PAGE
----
OOS 40-1 - Mycorrhizal feedbacks on plant fitness: A role in plant succession?

Thursday, August 10, 2017: 1:30 PM
Portland Blrm 255, Oregon Convention Center
James D. Bever, Ecology and Evolutionary Biology, University of Kansas, Lawrence, KS, Liz Koziol, The Land Institute, Karen C. Abbott, Department of Biology, Case Western Reserve University, Cleveland, OH, James Umbanhowar, Curriculum in Ecology, University of North Carolina, Chapel Hill, Chapel Hill, NC and Peggy A. Schultz, Kansas Biological Survey, University of Kansas, Lawrence, KS

The factors structuring terrestrial plant communities remain an essential problem within ecology. A growing body of work has identified important roles of soil organisms in plant species coexistence and turnover during succession. Arbuscular mycorrhizal (AM) fungi, symbionts associating with most plant species and facilitate resource uptake, may be particularly important as previous work has shown strong effects of manipulation of the presence, composition and diversity of AM fungi on plant communities. Previous theory identifies that AM fungal dynamics could drive positive or negative feedbacks between plant species, with very different implications for the influence of AM fungi on species turnover during succession. In the case of positive feedback, AM fungal dynamics could alternatively inhibit or reinforce species turnover during succession, depending on starting conditions. In the case of negative feedback, AM fungal dynamics would move the plant community toward an equilibrium composition, regardless of initial conditions. We investigate the dynamics of AM fungi within the context of plant species turnover and coexistence during succession within tallgrass prairie by integrating results from experiments, field trials and theory.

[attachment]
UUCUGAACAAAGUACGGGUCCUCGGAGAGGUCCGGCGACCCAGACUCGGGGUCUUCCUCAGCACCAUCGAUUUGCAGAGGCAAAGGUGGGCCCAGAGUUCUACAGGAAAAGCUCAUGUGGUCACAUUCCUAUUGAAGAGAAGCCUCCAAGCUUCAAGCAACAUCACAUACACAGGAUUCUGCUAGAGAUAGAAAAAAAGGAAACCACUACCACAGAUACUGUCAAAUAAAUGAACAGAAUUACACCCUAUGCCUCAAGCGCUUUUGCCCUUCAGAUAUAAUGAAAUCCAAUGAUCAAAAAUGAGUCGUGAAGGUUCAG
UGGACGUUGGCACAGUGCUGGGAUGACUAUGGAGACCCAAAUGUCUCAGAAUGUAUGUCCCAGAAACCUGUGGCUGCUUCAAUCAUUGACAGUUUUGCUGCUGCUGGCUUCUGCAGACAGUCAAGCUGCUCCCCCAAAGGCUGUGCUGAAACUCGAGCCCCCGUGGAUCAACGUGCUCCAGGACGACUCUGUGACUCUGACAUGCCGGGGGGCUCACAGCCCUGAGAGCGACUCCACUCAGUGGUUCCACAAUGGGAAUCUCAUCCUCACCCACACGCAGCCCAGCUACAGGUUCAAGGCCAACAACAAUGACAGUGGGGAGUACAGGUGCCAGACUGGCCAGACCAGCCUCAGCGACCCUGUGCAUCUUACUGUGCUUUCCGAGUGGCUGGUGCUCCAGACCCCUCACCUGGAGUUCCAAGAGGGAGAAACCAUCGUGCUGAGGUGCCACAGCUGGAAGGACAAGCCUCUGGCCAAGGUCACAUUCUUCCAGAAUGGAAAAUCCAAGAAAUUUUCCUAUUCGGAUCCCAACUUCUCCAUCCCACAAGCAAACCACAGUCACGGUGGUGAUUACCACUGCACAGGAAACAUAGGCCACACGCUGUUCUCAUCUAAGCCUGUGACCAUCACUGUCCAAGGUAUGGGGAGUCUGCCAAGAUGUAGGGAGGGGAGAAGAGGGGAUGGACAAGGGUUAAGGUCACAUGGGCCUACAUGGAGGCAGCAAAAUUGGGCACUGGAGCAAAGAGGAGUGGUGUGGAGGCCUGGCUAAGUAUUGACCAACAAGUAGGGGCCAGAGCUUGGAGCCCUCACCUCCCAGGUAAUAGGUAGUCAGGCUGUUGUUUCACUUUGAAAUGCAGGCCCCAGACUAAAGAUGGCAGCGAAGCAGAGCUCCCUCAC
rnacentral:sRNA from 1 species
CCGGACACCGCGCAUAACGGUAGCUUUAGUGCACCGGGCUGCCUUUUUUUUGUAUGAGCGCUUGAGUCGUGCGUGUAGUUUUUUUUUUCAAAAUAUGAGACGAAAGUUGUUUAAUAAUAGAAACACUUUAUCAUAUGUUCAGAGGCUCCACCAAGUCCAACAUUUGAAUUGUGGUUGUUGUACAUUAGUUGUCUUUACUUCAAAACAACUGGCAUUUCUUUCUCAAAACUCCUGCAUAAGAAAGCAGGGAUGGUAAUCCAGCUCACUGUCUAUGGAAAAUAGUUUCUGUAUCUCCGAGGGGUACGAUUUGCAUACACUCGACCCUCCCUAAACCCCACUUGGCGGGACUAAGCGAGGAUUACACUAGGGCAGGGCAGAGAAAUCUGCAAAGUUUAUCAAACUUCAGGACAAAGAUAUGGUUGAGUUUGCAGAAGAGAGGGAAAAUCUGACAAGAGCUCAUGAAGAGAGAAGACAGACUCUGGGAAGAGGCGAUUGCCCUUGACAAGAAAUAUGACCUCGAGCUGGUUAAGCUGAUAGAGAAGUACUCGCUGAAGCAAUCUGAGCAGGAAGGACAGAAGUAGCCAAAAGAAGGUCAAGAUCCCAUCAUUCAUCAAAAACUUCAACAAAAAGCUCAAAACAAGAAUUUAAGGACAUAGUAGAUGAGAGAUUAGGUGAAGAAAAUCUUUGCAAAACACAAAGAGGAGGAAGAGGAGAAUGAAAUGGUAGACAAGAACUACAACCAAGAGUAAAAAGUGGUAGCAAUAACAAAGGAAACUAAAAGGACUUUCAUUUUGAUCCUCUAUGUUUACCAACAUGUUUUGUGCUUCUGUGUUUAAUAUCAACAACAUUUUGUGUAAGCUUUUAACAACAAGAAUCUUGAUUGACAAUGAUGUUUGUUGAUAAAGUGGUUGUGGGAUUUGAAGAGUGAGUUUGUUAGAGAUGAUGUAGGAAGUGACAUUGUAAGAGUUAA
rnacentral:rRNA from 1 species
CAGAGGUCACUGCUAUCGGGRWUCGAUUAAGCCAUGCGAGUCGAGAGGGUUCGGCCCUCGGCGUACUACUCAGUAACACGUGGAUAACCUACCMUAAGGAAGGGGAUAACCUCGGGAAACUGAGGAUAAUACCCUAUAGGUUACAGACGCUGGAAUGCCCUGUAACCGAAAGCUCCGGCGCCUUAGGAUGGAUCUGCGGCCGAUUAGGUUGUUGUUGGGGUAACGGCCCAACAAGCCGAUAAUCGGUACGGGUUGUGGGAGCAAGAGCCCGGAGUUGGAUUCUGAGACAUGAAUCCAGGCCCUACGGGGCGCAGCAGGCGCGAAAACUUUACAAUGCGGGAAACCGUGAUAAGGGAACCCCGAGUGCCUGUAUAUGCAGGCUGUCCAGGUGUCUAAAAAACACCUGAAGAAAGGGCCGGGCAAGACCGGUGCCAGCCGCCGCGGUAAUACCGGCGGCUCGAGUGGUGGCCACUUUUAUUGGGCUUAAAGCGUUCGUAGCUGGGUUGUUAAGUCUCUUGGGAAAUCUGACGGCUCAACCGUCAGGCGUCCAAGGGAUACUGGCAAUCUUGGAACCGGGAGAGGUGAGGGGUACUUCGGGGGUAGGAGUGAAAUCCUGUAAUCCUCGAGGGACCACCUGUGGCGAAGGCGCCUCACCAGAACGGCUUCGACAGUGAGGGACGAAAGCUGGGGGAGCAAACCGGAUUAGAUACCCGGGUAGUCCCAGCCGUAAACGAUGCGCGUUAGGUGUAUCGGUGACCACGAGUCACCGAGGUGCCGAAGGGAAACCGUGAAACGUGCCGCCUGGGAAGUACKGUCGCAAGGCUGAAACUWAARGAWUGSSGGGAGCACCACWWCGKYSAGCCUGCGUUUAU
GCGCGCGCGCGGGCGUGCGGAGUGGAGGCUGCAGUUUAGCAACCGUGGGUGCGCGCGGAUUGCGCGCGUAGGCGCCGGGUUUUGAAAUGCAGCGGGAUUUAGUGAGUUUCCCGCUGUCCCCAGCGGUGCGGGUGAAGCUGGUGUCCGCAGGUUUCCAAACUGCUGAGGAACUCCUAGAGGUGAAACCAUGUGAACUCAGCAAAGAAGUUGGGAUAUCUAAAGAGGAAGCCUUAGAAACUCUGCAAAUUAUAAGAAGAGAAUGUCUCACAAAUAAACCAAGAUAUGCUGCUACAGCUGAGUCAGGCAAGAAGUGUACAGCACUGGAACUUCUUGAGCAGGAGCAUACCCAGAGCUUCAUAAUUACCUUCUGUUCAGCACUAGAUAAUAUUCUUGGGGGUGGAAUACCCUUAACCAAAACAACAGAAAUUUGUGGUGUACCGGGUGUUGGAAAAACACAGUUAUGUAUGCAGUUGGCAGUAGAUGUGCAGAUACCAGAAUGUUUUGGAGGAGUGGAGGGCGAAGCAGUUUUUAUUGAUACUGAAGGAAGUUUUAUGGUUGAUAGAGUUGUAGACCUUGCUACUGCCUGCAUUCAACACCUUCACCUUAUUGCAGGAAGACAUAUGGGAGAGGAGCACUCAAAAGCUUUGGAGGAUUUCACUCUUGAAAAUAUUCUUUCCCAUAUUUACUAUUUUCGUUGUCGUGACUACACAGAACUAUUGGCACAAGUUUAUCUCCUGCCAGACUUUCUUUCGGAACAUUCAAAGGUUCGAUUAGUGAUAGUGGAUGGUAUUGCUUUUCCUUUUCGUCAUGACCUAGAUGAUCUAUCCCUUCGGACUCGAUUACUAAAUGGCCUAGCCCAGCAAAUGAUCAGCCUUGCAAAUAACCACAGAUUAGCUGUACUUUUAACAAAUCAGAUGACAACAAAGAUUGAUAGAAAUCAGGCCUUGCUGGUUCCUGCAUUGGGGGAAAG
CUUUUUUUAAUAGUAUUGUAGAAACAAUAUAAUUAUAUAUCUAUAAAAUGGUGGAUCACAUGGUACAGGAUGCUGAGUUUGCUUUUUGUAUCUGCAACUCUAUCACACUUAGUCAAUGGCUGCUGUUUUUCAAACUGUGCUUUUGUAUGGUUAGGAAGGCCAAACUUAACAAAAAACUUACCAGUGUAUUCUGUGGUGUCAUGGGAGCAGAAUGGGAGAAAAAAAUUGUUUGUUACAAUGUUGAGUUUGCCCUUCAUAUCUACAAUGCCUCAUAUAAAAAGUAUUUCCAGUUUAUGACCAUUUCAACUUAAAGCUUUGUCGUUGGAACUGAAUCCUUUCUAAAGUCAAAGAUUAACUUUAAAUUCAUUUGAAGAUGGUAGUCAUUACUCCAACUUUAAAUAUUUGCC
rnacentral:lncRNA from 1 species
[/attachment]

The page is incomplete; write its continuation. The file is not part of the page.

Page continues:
Greenhouse inoculation studies demonstrate that late successional prairie plant species are more responsive to AM fungi than early successional species. Late successional prairie plant species are also significantly more sensitive to the species identity of AM fungi. These results are consistent with the success of late successional plants depending upon mycorrhizal fungal dynamics. In support of this possibility, we find that reintroduction of AM fungi derived from late successional prairies improves establishment and growth of late successional prairie plant species in field trials. We also find that late successional prairie plant species preferentially allocate carbohydrates to the most effective AM fungal species. Together, these results suggest that AM fungal dynamics are likely to generate positive feedback between early and late successional plant species. We explore these potential dynamics with analytical theory and simulations, and characterize conditions in which AM fungal community dynamics inhibit succession or facilitate species turnover.